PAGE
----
Male Pattern Baldness
Nov 14, 2012
By Barret Procyshyn, Pharmacist at the Dauphin Clinic Pharmacy
I like to think of November as a mans month. CFL playoffs lead to the grey cup, the snow falls for snowmobiling paradise, wives feel like widows while their men are out deer hunting, curling and hockey are in full swing and you may even get to see the shacks moving to the Valley River. Not to mention, it is Movember, so we can grow our mustaches with pride.
While it is great to be a man and we are growing awesome mustaches, unfortunately a lack of hair on top of our heads does bother us. This used to just be a fact of getting old; we men loose our hair. While there is no magical cure for baldness there is a little more we can do than just put on a hat.
Hair loss, pattern baldness or androgenic alopecia are all fancy words for the same thing; a receding hairline. Male pattern baldness affects a quarter of men by the time they are 30 years old and two thirds of men by the time they are at the age of 60.
A popular belief for a cause for baldness is wearing a hat too often. Wearing a hat does not directly cause hair loss, but it can lead to increased hair breakage and split ends. This could make your hair look even thinner, but it is not the actual cause. Another myth is hair loss due to the stress from a wife. However; this myth is still up for debate.
There is a saying you will be bald if your mothers father had a receding hairline. This saying does have some truth. The baldness gene is carried in the x- chromosome. Your mother has two x-chromosomes, so there is an increased likelihood your mother is carrying the gene and will pass it down. Research also shows if you have a balding father, it increases your risk of hair loss.
The thinning and loss of hair from the scalp is caused by two main factors in men: heredity and a hormone called DHT (dihydrotestosterone). DHT contributes to the shortening of the growth phase and thinning of hair.
Hair loss can have some psychological and emotional impacts, specifically causing difficulty expressing feelings be more prone to avoiding family conflicts. Some men actually embrace their baldness, as the shaved head look has recently increased in popularity. Bruce Willis, Mark Messier, Howie Mandel and even Trevor Shewfelt have set the trend; being bald is cool.
If you are beginning to show sings of baldness, treatment options are available to slow progression or even stimulate new hair growth. As mentioned none of them are miracle drugs and eventually only about one third of men will be happy with their treatment. But stay positive, you could be the one in three men who have success.
Finasteride (Propecia) is a once a day pill available by prescription, aimed to treat men with mild to moderate hair loss. Finasteride lowers the amount of DHT in the scalp, the hormone which leads to hair loss. It may take up to three months to notice results and must be used continually. However, I have seen people benefit from the medication. There are some new warnings that come with propecia including reduced libido, so you should speak to your doctor about whether it is right for you.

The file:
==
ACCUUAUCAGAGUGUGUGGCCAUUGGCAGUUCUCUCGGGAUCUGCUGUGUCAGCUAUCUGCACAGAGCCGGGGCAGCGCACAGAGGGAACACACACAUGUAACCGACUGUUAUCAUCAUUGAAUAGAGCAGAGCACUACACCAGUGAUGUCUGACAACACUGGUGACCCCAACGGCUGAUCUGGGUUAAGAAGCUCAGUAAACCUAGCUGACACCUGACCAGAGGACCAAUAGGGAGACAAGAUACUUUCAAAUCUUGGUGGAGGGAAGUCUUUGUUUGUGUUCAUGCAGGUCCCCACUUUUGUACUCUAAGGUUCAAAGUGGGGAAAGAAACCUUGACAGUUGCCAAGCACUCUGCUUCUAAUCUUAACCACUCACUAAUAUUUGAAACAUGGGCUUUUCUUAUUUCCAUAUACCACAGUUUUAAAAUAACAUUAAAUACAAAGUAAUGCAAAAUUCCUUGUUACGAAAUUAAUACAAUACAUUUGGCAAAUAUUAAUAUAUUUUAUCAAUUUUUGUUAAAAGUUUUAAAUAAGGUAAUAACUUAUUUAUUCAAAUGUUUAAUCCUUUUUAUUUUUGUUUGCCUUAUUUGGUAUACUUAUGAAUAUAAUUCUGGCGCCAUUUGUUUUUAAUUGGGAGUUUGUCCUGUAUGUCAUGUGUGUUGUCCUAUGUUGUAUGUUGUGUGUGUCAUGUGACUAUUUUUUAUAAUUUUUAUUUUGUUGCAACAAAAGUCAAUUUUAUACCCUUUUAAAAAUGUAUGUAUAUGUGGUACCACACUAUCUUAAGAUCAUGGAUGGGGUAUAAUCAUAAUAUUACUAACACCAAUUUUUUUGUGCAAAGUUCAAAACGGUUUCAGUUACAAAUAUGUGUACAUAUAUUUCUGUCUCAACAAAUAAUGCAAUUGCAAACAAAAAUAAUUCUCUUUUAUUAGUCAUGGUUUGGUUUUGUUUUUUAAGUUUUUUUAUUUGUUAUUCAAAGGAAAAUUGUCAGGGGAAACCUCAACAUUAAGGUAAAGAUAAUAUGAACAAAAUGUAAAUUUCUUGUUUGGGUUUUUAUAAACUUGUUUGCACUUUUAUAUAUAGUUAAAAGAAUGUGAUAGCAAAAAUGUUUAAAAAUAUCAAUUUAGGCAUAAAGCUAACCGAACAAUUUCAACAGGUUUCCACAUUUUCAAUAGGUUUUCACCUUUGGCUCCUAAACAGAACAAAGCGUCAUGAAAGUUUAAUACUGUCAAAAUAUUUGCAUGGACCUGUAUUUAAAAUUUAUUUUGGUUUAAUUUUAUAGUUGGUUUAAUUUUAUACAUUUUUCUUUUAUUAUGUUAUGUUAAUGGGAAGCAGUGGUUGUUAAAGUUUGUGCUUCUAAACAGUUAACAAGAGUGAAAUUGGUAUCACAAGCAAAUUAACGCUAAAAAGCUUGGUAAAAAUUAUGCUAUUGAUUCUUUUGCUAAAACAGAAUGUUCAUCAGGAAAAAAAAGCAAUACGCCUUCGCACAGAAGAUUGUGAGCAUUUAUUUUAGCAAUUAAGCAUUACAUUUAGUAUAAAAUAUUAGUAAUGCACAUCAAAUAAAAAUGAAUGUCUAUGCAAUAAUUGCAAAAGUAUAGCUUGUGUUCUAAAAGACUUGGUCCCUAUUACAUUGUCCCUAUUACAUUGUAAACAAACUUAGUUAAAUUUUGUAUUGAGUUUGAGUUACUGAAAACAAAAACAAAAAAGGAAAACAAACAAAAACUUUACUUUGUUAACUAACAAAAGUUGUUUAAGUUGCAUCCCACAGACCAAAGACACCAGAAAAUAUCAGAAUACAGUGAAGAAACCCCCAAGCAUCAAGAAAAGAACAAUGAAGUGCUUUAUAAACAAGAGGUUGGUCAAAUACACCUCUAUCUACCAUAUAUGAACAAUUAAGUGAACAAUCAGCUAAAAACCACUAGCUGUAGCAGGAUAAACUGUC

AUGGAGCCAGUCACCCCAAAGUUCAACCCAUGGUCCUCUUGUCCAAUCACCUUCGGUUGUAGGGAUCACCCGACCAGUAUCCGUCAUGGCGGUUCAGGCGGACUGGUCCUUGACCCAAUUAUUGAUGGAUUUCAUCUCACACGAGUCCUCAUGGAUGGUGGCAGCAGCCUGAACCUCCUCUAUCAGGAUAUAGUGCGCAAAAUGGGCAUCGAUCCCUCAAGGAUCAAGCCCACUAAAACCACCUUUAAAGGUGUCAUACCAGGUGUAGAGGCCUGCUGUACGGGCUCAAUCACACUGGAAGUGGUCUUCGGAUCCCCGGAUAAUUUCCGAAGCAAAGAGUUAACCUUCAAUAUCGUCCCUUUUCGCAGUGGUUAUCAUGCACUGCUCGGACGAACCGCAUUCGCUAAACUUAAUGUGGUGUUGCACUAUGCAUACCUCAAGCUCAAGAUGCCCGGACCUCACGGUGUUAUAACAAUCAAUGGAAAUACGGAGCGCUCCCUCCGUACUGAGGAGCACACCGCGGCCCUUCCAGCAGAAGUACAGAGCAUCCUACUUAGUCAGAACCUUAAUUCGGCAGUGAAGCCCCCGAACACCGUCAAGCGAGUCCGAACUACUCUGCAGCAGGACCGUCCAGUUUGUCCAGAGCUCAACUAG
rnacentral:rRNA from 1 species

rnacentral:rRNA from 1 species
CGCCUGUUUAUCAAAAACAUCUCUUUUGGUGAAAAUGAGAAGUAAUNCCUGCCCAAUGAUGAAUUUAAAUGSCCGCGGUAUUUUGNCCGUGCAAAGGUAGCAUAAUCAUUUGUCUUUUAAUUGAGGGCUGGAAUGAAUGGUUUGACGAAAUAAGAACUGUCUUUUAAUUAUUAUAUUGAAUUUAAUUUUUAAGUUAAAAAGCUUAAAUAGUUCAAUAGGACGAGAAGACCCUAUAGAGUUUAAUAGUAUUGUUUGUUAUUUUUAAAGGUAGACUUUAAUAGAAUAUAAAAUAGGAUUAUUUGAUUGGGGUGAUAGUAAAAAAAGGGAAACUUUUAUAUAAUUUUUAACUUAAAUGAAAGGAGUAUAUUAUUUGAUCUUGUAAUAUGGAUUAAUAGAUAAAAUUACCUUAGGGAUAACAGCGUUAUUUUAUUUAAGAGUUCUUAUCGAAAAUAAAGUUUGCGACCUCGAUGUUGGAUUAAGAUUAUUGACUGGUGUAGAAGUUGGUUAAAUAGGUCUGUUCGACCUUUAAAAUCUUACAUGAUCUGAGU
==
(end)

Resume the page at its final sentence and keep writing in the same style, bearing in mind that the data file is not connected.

Rogaine (minoxidil) is a liquid solution applied to the scalp twice daily. After a year of use 40% of users reported moderate hair growth and 36% reported some but minimal growth. This medication, in a 2% strength is available over the counter at the pharmacy. Those looking for something stronger can get 5% Minoxidil compounded at the Dauphin Clinic Pharmacy. You will need a prescription from your physician, but additional hair growth may be seen by using the extra strength compound.
Hair Transplant is another option for hair loss sufferers. It is a minor surgical procedure that moves hair and its follicles from the sides and back of the head to the balding region. This transplanted hair grows permanently at a normal rate of approximately inch per month.
Be aware of expensive vitamin and natural hair growth products. These products have little evidence to support their claims. There is no miracle grow for the head. If you are a post-menopausal female who is noticing thinning hair, you can speak to a Dauphin Clinic Pharmacist for possible treatment options.
If you are suffering from baldness and it is bothering you, give one of the treatment options a try. It is very possible it could work for you. Embracing your baldness is never a bad option either. You can always grow an outstanding movember-stache. If you are interested in seeing the DCP Movember mustaches check out our Facebook page. Also remember to head down to the curling rink and watch some great curling action at the Dauphin Clinic Pharmacy Cash Spiel. You can also view live results by using the link on our website at dcp.ca.
As always if you have any questions or concerns about these or other products, ask your pharmacist.
The information in this article is intended as a helpful guide only. It is not intended to be used as a substitute for professional advice. If you have any questions about your medications and what is right for you see your doctor, pharmacist or other health care professional.
We now have this and most other articles published in the Parkland Shopper on our Website. Please visit us at www.dcp.ca